Even when we don't agree with him, we like to listen to Spike Lee talk about pretty much anything. Which is easy, because he's fairly...outspoken. In New York Magazine, Will Leitch chats with Lee at length about everything from Basketball to Bloomberg to the representation of Black people in historical fiction. Here are some highlights from that world inside Spike Lee's mind:
- Malcolm X would not get made today, without superpowers. "I think that it is a different climate today," Lee told Leitch. "I do not think Oliver Stone gets JFK made today. Unless they can make JFK fly. If they can’t make Malcolm X fly, with tights and a cape, it’s not happening."
- Mookie returns to a gentrified Brooklyn. In Lee's Red Hook Summer, which opens in August, Mookie (from Do the Right Thing!) returns to a changed Brooklyn. "There’s gentrification of Cobble Hill," Lee said. "Fort Greene’s gentrified, Harlem was gentrified, Bed-Stuy’s gentrified, and Williamsburg is gentrified. People lived on the Lower East Side and got priced out of there. Then you moved to Williamsburg—oh, it became too hip. Now they are going to Bushwick. What is going to happen to Bushwick? Next thing, after Coney Island, there is the Atlantic Ocean."
- New York City will cease to be great if it is entirely populated by rich people. "This goes across all races—this is not a black and white thing," he told Leitch. "New York City cannot just be rich. It will lose its entire flavor if it is."
Bloomberg's proposed soda ban would benefit Black people. "Look, when I was growing up in Brooklyn, we had gym, and you had to run," Lee said. "Children today in public schools across the country are not being taught art, are not being taught music, and they have no physical ed... Americans—we’re just obese...Ask African-Americans. We are way over index on obesity, which means we are over index on diabetes, heart disease, and it goes down the line."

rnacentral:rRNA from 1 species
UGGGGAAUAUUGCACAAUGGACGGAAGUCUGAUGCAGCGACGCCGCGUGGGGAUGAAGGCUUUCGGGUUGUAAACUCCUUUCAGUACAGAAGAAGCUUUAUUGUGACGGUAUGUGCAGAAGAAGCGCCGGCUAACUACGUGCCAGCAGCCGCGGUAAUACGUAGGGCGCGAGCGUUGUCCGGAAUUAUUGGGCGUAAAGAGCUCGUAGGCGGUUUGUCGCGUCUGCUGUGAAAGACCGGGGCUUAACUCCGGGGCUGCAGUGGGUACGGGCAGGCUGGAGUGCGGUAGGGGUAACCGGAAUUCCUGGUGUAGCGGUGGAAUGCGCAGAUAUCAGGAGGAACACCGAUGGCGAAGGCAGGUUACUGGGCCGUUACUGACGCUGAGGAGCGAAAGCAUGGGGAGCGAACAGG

- What's happening, Mitt? When Leitch asked what Lee thought of Romney, Lee said he met him Reagan International Airport. "It was, like, two, three years ago," he said. "I was just in D.C. and he was there and he said, 'What’s up, Spike?' and I said, 'What’s happening, Mitt?' We were in line getting something to eat. So I said what’s up and shook hands. I think [the presidential race is] going to be very, very, very close."
- Films that explore the depth of the African-American experience currently need to be made outside of the Hollywood studio system. "This comes down to the gatekeepers, and I do not think there is going to be any substantial movement until people of color get into those gatekeeper positions of people who have a green-light vote," Lee told Leitch. "That is what it comes down to. We do not have a vote, and we are not at that table when it is decided what gets made and what does not get made. Whether it is Hollywood films, network or cable television, we are not there. When I first started making films and I would have Hollywood meetings—and I know this for a fact—they would bring black people out of the mailroom to be in the meeting."
This article is from the archive of our partner The Wire.
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